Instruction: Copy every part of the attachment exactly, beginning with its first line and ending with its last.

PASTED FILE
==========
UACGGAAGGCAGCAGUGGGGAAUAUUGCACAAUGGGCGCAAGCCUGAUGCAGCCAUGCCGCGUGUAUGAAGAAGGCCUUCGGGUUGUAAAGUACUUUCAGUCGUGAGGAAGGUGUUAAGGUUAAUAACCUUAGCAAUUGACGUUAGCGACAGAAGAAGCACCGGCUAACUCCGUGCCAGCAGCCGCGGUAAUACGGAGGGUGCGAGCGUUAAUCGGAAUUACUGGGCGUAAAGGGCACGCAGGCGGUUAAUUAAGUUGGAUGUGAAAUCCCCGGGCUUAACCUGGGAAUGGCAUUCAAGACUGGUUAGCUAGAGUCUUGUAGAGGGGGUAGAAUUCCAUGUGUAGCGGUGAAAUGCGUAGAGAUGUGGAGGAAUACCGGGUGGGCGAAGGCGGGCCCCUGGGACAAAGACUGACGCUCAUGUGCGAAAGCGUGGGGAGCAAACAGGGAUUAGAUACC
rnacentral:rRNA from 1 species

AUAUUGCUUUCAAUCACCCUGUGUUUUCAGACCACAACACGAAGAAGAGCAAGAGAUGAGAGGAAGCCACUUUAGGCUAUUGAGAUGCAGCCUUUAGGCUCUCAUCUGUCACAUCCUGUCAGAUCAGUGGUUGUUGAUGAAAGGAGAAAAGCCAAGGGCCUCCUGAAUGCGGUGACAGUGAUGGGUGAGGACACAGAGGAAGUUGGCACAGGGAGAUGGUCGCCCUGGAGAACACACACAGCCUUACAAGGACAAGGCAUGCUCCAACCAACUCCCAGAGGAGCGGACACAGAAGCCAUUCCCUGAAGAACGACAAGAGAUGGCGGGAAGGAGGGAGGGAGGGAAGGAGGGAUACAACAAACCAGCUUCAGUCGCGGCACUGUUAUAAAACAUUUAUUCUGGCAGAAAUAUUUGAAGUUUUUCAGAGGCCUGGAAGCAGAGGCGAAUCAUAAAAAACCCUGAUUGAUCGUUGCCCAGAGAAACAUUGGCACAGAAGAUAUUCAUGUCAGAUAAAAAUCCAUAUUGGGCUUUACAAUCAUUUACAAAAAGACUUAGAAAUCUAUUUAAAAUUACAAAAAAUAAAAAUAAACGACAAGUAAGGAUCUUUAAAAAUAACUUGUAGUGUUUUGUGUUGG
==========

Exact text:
UACGGAAGGCAGCAGUGGGGAAUAUUGCACAAUGGGCGCAAGCCUGAUGCAGCCAUGCCGCGUGUAUGAAGAAGGCCUUCGGGUUGUAAAGUACUUUCAGUCGUGAGGAAGGUGUUAAGGUUAAUAACCUUAGCAAUUGACGUUAGCGACAGAAGAAGCACCGGCUAACUCCGUGCCAGCAGCCGCGGUAAUACGGAGGGUGCGAGCGUUAAUCGGAAUUACUGGGCGUAAAGGGCACGCAGGCGGUUAAUUAAGUUGGAUGUGAAAUCCCCGGGCUUAACCUGGGAAUGGCAUUCAAGACUGGUUAGCUAGAGUCUUGUAGAGGGGGUAGAAUUCCAUGUGUAGCGGUGAAAUGCGUAGAGAUGUGGAGGAAUACCGGGUGGGCGAAGGCGGGCCCCUGGGACAAAGACUGACGCUCAUGUGCGAAAGCGUGGGGAGCAAACAGGGAUUAGAUACC
rnacentral:rRNA from 1 species

AUAUUGCUUUCAAUCACCCUGUGUUUUCAGACCACAACACGAAGAAGAGCAAGAGAUGAGAGGAAGCCACUUUAGGCUAUUGAGAUGCAGCCUUUAGGCUCUCAUCUGUCACAUCCUGUCAGAUCAGUGGUUGUUGAUGAAAGGAGAAAAGCCAAGGGCCUCCUGAAUGCGGUGACAGUGAUGGGUGAGGACACAGAGGAAGUUGGCACAGGGAGAUGGUCGCCCUGGAGAACACACACAGCCUUACAAGGACAAGGCAUGCUCCAACCAACUCCCAGAGGAGCGGACACAGAAGCCAUUCCCUGAAGAACGACAAGAGAUGGCGGGAAGGAGGGAGGGAGGGAAGGAGGGAUACAACAAACCAGCUUCAGUCGCGGCACUGUUAUAAAACAUUUAUUCUGGCAGAAAUAUUUGAAGUUUUUCAGAGGCCUGGAAGCAGAGGCGAAUCAUAAAAAACCCUGAUUGAUCGUUGCCCAGAGAAACAUUGGCACAGAAGAUAUUCAUGUCAGAUAAAAAUCCAUAUUGGGCUUUACAAUCAUUUACAAAAAGACUUAGAAAUCUAUUUAAAAUUACAAAAAAUAAAAAUAAACGACAAGUAAGGAUCUUUAAAAAUAACUUGUAGUGUUUUGUGUUGG